|site at Desert Trails|
It was a pretty straight forward drive from Rusty’s, mostly on Interstate I-10, to Tucson. In the past we usually made Diamond J RV Park our regular place to park but it seems we've always had a hassle trying to get rates online and then trying to connect with anyone in the office (we see that since our visit that their web site has finally been updated to include rates). Since our stay in Tucson would be short and time was of the essence, we opted instead for Desert Trails RV Resort, a park we’d used in 2009. While Diamond J back-in sites would have given us more direct access to several thousand acres of public land, our trip to Tucson this time was mostly business and not so much for birding.
|common yard birds at Desert Trails - Gambel's quail and Gila woodpecker|
Our commitment at Kartchner was through the end of December. At the start of January we planned to store the RV and truck in Tucson and fly to Costa Rica. But then we realized that we had enough people on our Costa Rica waiting list for a possible second tour. After consulting with our long time friend and Costa Rica bird guide, Richard Garrigues, he amazingly managed to pull together an itinerary for a second trip. We put the word out and it didn’t long for a second trip to gel. We amended our cabin rental to be six weeks and spend the last four weeks of our ten week stay on tour birding. But what to do with the RV and truck? Hence our business in Tucson: find a safe and convenient place to store the truck and RV.
Our first day at Desert Trails was consumed with grocery shopping, laundry, and putting together a list of possible RV storage sites. With our Costa Rica timeline now settled, we purchased our airline tickets to Costa Rica. By the next morning we started exploring possible storage sites.
We had three central concerns about storage. The first two were about security and cost. From what we had gathered the cost to store an RV and truck would run us anywhere from $300 to almost $800. The difference in cost was whether the storage site had covered storage and if it was paved or unpaved. One might ask, "what’s the big deal about being paved or not?". The answer - pack rats. The pack rat was our third concern.
Pack rats. Also called woodrats. Cute cuddly little creatures on the Nature Channel. Cute and cuddly they may be but when it comes to wreaking havoc on parked vehicles in the desert, they have few equals. Pack rats love to nest in man-made objects like vehicles and especially, nice cozy RV’s. It wouldn’t be so bad if all they wanted was a place to stay. The problem is that they love to chew things. Like truck, car, and RV wiring. They do this mainly to maintain sharp teeth...potentially thousands of dollars to keep their teeth honed. Not their money but ours.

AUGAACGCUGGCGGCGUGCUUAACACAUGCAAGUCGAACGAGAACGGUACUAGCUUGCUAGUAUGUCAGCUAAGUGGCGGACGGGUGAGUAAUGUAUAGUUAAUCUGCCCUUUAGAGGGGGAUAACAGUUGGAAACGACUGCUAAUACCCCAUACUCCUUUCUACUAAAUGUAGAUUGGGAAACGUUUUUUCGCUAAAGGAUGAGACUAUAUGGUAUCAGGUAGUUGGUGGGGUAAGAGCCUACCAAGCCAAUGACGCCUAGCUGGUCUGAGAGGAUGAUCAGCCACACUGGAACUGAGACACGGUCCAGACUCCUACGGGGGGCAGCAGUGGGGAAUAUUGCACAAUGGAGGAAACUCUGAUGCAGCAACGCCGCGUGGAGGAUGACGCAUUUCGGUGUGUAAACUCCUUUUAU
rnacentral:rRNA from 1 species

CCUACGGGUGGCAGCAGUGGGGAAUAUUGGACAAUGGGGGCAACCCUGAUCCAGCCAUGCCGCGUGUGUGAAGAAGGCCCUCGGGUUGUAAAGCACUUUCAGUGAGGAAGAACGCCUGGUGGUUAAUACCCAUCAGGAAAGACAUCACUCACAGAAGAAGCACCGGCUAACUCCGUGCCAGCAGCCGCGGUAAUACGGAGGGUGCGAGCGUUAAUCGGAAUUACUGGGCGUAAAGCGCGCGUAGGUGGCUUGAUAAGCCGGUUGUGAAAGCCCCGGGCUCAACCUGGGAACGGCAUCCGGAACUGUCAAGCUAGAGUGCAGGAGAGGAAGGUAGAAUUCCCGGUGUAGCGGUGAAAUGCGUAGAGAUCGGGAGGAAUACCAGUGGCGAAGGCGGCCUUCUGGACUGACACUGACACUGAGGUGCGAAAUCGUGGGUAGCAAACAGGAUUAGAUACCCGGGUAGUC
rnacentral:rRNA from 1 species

Pack rats generally prefer unpaved lots over paved lots. Or so we were told. Paved storage lots cost a lot more money so one has to weigh the benefit/cost of using a paved versus unpaved storage facility. And since our RV is our home, we were very concerned about pack rats.
After spending a few days interviewing several storage lot managers, we settled on a lot near the Tucson airport. It was paved, the security seemed adequate, and it was conveniently located near the Tucson airport where we would be departing for Costa Rica.
A few logistical issues remained like the timing involved in moving the RV while still having a place to live but we’d sort that out when the time came. For now we had a game plan for RV storage which was one of our goals while in Tucson.
|Saguaro NP and Nancy's home in Oro Valley|
|Phainopepla male (top) and female|
|view out our back window at Tombstone Territory and hummingbird drawn to our feeder|
|thunderstorms all around|
Now it was Saturday the 20th. Laundry and last minute grocery shopping in Sierra Vista. Early Sunday morning we joined the weekly EOP (Environmental Operations Park)
bird hike hoping to catch up with friend Erika Wilson who usually leads the hikes. We discovered that she and her husband Jim were off trying out their new camper. Little did we know that they were caught up in massive flooding in Cave Creek Canyon and were stuck for three days in the Sunny Flats campground as they waited for the flood damaged road to be cleared enough to allow them to leave. We had been watching local news about the flooding as well, reading personal accounts from some of the residents in Portal as to the devastation. Lucky for us we had managed our visit to Portal just before the the rains came.
On Monday, September 22, we packed up the RV for a very short pull to the upper volunteer village at Kartchner Caverns State Park, our home for the next three months.
|hiking at the EOP|
|San Pedro river in a typical Sept; then this Sept.|